Second, when Long read of Morton’s claim of first use of ether, he felt it was prudent to see if other claims would be forthcoming that predated his.
Third, he finally accumulated enough cases, including controls. In one case, three tumors were removed from a patient on the same day. Tumors one and three were removed without ether, and tumor two with ether. Only the removal of tumor two was painless.
Two years later, Long amputated two fingers from a boy on the same day, one with and one without ether, and only the amputation with ether was painless.
Long also reported a few other cases before 1849 where surgery involving ether was pain free.
Above it all
In 1846, when Morton administered ether to the patient at Massachusetts General Hospital, the surgical theater was on the top of the building under a glass-covered dome for its optimal lighting. Today, MGH maintains the “Ether Dome” as a museum, saying that it was the site of the “first public demonstration” of anesthetic ether. There is also a monument in Boston’s Public Garden, on one side of which is the inscription, “To commemorate the discovery that the inhaling of ether causes insensibility to pain. First proved at Mass. General Hospital in Boston October AD MDCCCXLVI.”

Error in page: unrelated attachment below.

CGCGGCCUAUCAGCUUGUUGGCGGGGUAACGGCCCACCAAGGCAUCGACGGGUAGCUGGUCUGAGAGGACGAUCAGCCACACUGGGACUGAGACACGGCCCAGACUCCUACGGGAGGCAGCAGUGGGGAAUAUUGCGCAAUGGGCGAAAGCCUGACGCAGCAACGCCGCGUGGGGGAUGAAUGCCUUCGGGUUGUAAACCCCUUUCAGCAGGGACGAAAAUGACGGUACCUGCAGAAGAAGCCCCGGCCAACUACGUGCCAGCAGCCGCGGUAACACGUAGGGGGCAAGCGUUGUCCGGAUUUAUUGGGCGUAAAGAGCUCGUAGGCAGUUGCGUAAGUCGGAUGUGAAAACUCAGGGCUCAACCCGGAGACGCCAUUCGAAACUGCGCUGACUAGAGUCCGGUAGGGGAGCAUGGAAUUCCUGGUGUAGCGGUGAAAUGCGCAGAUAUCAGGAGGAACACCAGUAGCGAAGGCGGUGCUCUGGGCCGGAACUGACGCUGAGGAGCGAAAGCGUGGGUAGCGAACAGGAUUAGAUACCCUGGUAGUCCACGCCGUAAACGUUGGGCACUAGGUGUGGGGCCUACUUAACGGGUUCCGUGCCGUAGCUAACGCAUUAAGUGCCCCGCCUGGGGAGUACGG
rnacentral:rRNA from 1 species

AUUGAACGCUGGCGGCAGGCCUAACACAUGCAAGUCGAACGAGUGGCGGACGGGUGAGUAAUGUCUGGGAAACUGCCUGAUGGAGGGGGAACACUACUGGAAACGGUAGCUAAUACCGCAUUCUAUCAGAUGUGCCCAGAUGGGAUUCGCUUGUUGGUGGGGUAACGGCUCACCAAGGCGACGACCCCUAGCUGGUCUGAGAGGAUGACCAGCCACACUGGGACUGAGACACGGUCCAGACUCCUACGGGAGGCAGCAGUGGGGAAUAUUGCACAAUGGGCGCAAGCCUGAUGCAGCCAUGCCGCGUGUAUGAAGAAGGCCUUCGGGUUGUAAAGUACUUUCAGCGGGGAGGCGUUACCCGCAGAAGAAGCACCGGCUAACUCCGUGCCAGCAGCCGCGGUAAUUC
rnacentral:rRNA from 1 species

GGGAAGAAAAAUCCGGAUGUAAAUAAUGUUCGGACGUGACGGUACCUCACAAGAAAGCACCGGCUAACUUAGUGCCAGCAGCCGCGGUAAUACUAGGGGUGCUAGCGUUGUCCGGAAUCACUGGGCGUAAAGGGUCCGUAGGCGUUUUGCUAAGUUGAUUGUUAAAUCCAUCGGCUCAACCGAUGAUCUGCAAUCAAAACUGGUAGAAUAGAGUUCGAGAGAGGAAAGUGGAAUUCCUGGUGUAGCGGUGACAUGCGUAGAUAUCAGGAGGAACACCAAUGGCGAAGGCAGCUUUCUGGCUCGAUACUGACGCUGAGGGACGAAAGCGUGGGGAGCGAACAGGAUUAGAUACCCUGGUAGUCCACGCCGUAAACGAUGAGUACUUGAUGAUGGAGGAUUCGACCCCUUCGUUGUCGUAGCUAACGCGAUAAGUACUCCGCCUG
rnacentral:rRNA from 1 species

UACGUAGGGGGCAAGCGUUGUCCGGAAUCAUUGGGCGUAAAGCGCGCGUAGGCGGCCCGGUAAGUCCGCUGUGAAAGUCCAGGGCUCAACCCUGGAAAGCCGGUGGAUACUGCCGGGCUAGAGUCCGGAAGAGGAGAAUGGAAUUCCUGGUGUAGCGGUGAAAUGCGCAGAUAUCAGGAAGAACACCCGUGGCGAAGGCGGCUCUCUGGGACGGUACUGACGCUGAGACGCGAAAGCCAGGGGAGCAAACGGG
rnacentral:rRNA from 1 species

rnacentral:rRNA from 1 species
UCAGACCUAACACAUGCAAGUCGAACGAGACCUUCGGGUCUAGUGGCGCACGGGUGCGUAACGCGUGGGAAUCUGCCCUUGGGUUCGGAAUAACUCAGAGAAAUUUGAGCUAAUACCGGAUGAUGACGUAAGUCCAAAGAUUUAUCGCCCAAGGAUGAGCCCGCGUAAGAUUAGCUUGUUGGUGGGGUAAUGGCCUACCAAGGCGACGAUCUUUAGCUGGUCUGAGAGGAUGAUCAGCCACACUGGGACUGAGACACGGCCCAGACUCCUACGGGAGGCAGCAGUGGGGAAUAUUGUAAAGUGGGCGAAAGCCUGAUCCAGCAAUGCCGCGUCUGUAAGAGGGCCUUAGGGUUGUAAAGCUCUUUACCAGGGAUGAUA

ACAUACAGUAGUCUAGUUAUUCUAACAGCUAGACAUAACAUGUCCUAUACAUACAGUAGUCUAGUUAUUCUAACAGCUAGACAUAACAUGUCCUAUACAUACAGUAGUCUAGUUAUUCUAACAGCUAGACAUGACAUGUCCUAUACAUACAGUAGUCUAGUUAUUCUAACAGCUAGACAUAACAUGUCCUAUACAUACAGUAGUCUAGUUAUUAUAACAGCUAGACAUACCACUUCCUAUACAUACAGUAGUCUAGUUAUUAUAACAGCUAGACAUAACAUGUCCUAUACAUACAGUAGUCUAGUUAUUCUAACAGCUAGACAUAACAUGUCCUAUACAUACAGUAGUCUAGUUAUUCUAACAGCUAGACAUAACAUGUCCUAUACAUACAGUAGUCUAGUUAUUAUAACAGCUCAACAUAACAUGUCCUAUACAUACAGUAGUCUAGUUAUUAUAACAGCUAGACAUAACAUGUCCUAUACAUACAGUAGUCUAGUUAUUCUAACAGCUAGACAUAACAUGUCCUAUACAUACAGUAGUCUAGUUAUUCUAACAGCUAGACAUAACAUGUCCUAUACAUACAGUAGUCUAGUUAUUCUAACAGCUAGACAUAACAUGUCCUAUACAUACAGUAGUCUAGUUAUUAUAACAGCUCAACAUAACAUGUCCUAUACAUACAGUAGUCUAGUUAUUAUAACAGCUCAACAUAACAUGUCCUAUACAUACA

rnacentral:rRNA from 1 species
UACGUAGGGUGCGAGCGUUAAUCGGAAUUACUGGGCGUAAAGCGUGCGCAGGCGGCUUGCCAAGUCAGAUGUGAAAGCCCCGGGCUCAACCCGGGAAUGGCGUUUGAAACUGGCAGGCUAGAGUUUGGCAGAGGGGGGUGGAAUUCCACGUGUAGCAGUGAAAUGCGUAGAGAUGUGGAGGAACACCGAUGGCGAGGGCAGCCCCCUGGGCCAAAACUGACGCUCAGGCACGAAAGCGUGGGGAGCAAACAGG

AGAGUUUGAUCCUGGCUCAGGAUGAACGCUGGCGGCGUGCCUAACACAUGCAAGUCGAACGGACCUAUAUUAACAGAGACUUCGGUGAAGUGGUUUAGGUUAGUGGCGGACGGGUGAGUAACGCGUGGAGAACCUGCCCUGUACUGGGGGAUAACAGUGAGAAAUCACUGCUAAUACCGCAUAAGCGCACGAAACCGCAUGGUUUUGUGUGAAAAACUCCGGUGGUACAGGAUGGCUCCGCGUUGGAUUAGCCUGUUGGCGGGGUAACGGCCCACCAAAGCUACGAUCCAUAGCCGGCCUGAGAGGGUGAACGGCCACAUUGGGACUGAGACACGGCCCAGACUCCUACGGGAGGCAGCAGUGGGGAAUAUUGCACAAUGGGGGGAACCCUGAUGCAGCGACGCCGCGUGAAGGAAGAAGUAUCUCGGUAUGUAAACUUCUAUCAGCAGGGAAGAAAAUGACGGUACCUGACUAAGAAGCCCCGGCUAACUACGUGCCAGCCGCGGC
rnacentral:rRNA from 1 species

The claim on the monument is untrue, but it’s hard to change something carved in granite. I also question Mass. General’s claim for the “first public demonstration” of the use of anesthetic ether. Long’s use of anesthetic ether in 1842 was conducted in his public access office, and he had six witnesses. Regardless of any controversy, Friedman’s and Frieldland’s Medicines 10 Greatest Discoveries (1998), Chapter 5 is “Crawford Long and Surgical Anesthesia.”
In its early days, the monument raised controversy.
Morton and his chemist, Dr. Charles T. Jackson, had long argued over credit for the discovery, with Jackson denouncing Morton as a “swindler.” Morton even refused half of a 5,000-franc prize from the French Academy of Medicine awarded jointly to him and Jackson because he insisted the award was his alone.
Mark Twain and Dr. Oliver Wendell Holmes weighed in on the matter, with Holmes writing that the monument was to “ether or either.” Twain opposed Morton’s claims, writing that “the monument is made of hardy material, but the lie it tells will outlast it a million years.” Roger K. Thomas University of Georgia, The Conversation
Editor’s Note: This article is republished from The Conversation under a Creative Commons license. The Conversation is an independent and nonprofit source of news, analysis and commentary from academic experts.